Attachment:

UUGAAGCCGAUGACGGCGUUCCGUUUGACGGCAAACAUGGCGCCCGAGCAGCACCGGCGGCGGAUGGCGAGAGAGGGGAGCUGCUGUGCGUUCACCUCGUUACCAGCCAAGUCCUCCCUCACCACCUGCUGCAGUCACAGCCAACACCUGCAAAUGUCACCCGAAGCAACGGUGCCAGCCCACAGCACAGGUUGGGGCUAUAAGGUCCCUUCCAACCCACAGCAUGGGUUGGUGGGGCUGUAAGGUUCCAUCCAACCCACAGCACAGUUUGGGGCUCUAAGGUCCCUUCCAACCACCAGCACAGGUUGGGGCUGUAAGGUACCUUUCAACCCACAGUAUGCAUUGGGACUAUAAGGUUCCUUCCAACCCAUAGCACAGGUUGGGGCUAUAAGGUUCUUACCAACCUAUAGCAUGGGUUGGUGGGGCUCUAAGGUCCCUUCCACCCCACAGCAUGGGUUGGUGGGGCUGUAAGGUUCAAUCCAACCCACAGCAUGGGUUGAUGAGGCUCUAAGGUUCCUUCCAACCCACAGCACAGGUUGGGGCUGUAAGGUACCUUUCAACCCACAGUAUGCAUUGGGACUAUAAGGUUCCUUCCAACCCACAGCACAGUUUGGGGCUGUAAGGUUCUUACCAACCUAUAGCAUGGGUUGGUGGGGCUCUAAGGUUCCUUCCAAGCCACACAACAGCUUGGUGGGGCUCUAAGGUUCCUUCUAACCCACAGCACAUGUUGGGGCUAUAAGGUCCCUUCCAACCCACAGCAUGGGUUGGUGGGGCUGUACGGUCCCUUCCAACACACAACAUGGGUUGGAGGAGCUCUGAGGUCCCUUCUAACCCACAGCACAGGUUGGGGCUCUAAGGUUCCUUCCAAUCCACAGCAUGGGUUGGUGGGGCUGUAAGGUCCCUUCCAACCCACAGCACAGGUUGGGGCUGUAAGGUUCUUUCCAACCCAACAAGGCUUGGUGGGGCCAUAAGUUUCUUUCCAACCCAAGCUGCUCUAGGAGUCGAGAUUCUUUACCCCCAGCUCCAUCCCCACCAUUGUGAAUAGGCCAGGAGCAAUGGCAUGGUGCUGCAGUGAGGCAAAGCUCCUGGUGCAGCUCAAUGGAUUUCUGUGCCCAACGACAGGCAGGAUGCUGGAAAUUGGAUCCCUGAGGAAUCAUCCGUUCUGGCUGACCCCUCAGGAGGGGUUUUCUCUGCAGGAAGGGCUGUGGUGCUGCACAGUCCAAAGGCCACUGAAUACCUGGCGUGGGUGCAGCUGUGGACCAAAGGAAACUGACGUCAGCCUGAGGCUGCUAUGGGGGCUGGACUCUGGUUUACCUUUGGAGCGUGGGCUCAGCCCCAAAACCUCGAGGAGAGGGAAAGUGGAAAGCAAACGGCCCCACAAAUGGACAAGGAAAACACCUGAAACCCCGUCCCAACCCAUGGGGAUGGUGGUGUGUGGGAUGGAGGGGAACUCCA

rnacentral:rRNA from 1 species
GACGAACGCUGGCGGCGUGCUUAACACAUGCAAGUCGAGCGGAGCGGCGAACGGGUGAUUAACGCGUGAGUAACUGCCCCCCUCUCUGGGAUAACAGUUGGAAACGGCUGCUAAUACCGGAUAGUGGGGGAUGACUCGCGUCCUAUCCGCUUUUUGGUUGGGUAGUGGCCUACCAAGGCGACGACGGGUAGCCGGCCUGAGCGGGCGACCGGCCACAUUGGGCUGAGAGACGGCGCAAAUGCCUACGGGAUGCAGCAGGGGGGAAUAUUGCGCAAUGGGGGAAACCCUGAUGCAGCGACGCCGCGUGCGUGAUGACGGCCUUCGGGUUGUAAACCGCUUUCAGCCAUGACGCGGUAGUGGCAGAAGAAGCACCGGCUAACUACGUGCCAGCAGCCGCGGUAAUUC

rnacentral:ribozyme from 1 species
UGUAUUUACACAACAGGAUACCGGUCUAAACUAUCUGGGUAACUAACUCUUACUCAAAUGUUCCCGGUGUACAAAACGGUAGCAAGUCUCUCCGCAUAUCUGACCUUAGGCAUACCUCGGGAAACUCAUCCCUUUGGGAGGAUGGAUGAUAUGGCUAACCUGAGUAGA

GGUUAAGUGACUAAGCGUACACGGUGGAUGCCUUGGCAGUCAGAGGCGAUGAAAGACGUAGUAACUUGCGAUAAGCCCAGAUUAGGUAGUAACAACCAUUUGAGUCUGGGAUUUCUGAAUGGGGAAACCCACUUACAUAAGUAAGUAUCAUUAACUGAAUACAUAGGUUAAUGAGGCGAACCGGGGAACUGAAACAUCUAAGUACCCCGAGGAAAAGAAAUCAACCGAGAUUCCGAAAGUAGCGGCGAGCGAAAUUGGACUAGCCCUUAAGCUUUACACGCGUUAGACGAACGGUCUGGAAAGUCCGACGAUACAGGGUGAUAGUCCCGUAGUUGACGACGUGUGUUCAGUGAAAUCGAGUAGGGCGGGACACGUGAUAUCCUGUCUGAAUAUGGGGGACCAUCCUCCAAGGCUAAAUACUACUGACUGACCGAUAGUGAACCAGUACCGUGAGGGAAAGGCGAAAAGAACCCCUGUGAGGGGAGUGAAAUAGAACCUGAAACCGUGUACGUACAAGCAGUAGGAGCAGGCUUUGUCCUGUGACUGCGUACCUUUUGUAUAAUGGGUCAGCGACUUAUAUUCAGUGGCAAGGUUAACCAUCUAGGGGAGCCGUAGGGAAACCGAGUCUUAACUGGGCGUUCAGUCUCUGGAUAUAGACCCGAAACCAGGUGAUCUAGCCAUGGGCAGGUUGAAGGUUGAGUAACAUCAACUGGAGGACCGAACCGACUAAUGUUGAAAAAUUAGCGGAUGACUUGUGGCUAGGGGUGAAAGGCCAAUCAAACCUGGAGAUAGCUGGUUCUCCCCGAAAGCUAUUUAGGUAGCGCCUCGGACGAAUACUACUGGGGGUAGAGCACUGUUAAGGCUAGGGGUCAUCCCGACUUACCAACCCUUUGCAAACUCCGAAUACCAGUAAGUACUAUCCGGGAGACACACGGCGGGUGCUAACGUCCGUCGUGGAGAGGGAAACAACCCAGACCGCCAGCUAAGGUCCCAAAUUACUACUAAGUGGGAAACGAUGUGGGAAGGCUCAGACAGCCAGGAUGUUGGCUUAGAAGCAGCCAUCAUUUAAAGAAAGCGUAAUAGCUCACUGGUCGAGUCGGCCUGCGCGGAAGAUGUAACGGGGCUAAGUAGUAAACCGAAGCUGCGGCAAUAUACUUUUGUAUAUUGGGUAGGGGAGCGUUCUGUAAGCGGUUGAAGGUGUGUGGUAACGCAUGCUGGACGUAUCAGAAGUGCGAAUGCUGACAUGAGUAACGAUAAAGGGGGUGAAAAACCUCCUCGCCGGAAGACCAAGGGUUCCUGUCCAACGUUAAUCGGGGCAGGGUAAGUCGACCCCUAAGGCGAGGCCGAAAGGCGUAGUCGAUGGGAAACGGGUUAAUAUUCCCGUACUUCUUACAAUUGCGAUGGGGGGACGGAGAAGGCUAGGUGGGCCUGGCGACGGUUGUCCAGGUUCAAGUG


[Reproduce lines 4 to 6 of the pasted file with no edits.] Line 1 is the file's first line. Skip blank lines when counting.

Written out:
rnacentral:ribozyme from 1 species
UGUAUUUACACAACAGGAUACCGGUCUAAACUAUCUGGGUAACUAACUCUUACUCAAAUGUUCCCGGUGUACAAAACGGUAGCAAGUCUCUCCGCAUAUCUGACCUUAGGCAUACCUCGGGAAACUCAUCCCUUUGGGAGGAUGGAUGAUAUGGCUAACCUGAGUAGA

GGUUAAGUGACUAAGCGUACACGGUGGAUGCCUUGGCAGUCAGAGGCGAUGAAAGACGUAGUAACUUGCGAUAAGCCCAGAUUAGGUAGUAACAACCAUUUGAGUCUGGGAUUUCUGAAUGGGGAAACCCACUUACAUAAGUAAGUAUCAUUAACUGAAUACAUAGGUUAAUGAGGCGAACCGGGGAACUGAAACAUCUAAGUACCCCGAGGAAAAGAAAUCAACCGAGAUUCCGAAAGUAGCGGCGAGCGAAAUUGGACUAGCCCUUAAGCUUUACACGCGUUAGACGAACGGUCUGGAAAGUCCGACGAUACAGGGUGAUAGUCCCGUAGUUGACGACGUGUGUUCAGUGAAAUCGAGUAGGGCGGGACACGUGAUAUCCUGUCUGAAUAUGGGGGACCAUCCUCCAAGGCUAAAUACUACUGACUGACCGAUAGUGAACCAGUACCGUGAGGGAAAGGCGAAAAGAACCCCUGUGAGGGGAGUGAAAUAGAACCUGAAACCGUGUACGUACAAGCAGUAGGAGCAGGCUUUGUCCUGUGACUGCGUACCUUUUGUAUAAUGGGUCAGCGACUUAUAUUCAGUGGCAAGGUUAACCAUCUAGGGGAGCCGUAGGGAAACCGAGUCUUAACUGGGCGUUCAGUCUCUGGAUAUAGACCCGAAACCAGGUGAUCUAGCCAUGGGCAGGUUGAAGGUUGAGUAACAUCAACUGGAGGACCGAACCGACUAAUGUUGAAAAAUUAGCGGAUGACUUGUGGCUAGGGGUGAAAGGCCAAUCAAACCUGGAGAUAGCUGGUUCUCCCCGAAAGCUAUUUAGGUAGCGCCUCGGACGAAUACUACUGGGGGUAGAGCACUGUUAAGGCUAGGGGUCAUCCCGACUUACCAACCCUUUGCAAACUCCGAAUACCAGUAAGUACUAUCCGGGAGACACACGGCGGGUGCUAACGUCCGUCGUGGAGAGGGAAACAACCCAGACCGCCAGCUAAGGUCCCAAAUUACUACUAAGUGGGAAACGAUGUGGGAAGGCUCAGACAGCCAGGAUGUUGGCUUAGAAGCAGCCAUCAUUUAAAGAAAGCGUAAUAGCUCACUGGUCGAGUCGGCCUGCGCGGAAGAUGUAACGGGGCUAAGUAGUAAACCGAAGCUGCGGCAAUAUACUUUUGUAUAUUGGGUAGGGGAGCGUUCUGUAAGCGGUUGAAGGUGUGUGGUAACGCAUGCUGGACGUAUCAGAAGUGCGAAUGCUGACAUGAGUAACGAUAAAGGGGGUGAAAAACCUCCUCGCCGGAAGACCAAGGGUUCCUGUCCAACGUUAAUCGGGGCAGGGUAAGUCGACCCCUAAGGCGAGGCCGAAAGGCGUAGUCGAUGGGAAACGGGUUAAUAUUCCCGUACUUCUUACAAUUGCGAUGGGGGGACGGAGAAGGCUAGGUGGGCCUGGCGACGGUUGUCCAGGUUCAAGUG